FEC v. Wisconsin Right to Life, Inc. (WRTL) is the Supreme Court's latest attempt to extricate grassroots advocacy by nonprofit corporations from the morass of political broadcast restrictions under the Bipartisan Campaign Finance Reform Act (BCRA). As with the many cases preceding it, the standard pronounced by the Court in WRTL is deceptively straightforward: a political broadcast is an "electioneering communication" that may be proscribed "only if the ad is susceptible of no reasonable interpretation other than as an appeal to vote for or against a specific candidate." The Court held this axiom true notwithstanding the identity of the advertisement's sponsor because "the corporate identity of a speaker does not strip corporations of all free speech rights [under the First Amendment]." The question the Court should have addressed is whether the nonprofit corporate identity of a speaker entitles such corporations to speech rights under the Petition Clause rather than the Free Speech Clause of the First Amendment.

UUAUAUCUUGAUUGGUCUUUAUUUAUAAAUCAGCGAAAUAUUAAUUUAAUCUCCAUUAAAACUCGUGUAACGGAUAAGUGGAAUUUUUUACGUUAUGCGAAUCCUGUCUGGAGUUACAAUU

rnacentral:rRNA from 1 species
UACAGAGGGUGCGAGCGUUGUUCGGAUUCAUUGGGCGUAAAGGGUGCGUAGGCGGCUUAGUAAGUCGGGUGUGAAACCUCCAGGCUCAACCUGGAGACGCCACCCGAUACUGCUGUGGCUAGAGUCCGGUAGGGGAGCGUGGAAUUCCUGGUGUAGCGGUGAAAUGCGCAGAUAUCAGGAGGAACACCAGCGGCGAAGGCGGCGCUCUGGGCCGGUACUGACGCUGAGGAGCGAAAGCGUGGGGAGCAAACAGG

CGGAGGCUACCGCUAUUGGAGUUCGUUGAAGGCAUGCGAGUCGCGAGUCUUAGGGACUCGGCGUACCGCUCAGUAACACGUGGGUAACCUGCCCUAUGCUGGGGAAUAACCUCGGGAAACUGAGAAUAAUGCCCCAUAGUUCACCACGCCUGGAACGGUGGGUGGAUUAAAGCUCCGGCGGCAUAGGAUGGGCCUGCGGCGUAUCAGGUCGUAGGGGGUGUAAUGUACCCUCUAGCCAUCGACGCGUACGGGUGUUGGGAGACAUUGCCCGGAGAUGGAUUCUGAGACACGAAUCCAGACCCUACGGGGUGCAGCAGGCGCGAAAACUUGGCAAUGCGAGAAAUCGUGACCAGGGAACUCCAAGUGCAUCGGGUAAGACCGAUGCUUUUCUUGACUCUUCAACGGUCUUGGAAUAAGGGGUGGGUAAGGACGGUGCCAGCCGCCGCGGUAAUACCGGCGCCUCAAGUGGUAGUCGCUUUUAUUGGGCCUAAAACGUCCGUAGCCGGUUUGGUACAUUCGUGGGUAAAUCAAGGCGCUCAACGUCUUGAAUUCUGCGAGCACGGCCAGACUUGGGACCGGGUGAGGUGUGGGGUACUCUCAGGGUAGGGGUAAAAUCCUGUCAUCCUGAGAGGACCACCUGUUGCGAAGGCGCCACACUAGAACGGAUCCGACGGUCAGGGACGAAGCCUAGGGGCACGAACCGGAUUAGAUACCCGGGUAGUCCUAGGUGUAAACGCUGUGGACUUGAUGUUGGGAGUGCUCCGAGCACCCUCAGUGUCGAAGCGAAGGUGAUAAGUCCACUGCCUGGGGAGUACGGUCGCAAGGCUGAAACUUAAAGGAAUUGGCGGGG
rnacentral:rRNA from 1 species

The Framers thought that nonprofit corporations were entitled to exemptions based upon their status as nonprofits. During the First Congress, a nonprofit Quaker corporation seeking to abolish slavery led Congress to consider whether the First Amendment of the United States Constitution permitted the group to rely upon mass media and public opinion to effect grassroots advocacy through electoral pressure. Although Congress was deeply divided on the slavery question, Congress's failure to proscribe the Quakers' grassroots lobbying efforts suggests that they believed that the Petition Clause of the First Amendment protected the Quakers' actions because providing for nonprofit corporate political speech necessarily favored the general welfare of the United States...

 

Read the full article.